NO LET OFF FROM HMRC ON RENTAL INCOME

October 2, 2013

As the Coalition Government has sought to do everything in its power to bring down the country’s budget deficit, it has come up with a wide range of scheme to maximise the amount of money coming into its rather empty coffers.

One of its more effective ways of doing this has been to task HMRC with the job of going after the tax receipts it believes could be owed by individuals or companies operating in particular market sectors.
To do this, the taxman has formed a number of task forces which focus on specific industries in specific geographic areas, with the newest ones covering London’s construction and security industries, and second-hand car dealers in the Midlands.

In the north east, the residential property sector has been a particular target, with a dedicated task force swinging into action in the region during summer 2012 and new measures designed to recoup undeclared profits on the sale of second homes being introduced earlier this year.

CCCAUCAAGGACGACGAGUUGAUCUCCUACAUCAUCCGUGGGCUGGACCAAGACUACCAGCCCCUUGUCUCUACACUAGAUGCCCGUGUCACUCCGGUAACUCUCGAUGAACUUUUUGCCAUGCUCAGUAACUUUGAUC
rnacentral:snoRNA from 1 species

The boom in Buy-To-Let mortgages over the past decade, and the signs of its resurgence in recent months makes this potentially a very good hunting ground for HMRC, and the latest stage of its continuing drive came last month with the launch of a new Let Property campaign.
This aims to encourage landlords letting out properties to large groups such as students, for multiple occupation or as holiday accommodation to come forward and voluntarily disclose any undeclared rental income before the taxman comes looking for it.

HMRC and The Treasury estimate that around 1.5m landlords across the UK might have underpaid or failed to pay what they owe on their income, a tax shortfall which amounts to what could be a very welcome £500m a year.

HMRC’s primary message of ‘it’ll be cheaper to come to us before we come to you’ very much holds true, especially as their investigations can cost a great deal in terms of time, money and inconvenience.

An 18 month amnesty has been introduced as part of the Let Property campaign, meaning those who make a voluntary disclosure are likely to receive a lower penalty compared to those whom HMRC approaches directly, and anyone who thinks they might be targeted by it would be well advised to take proactive steps towards properly organising their tax situations.

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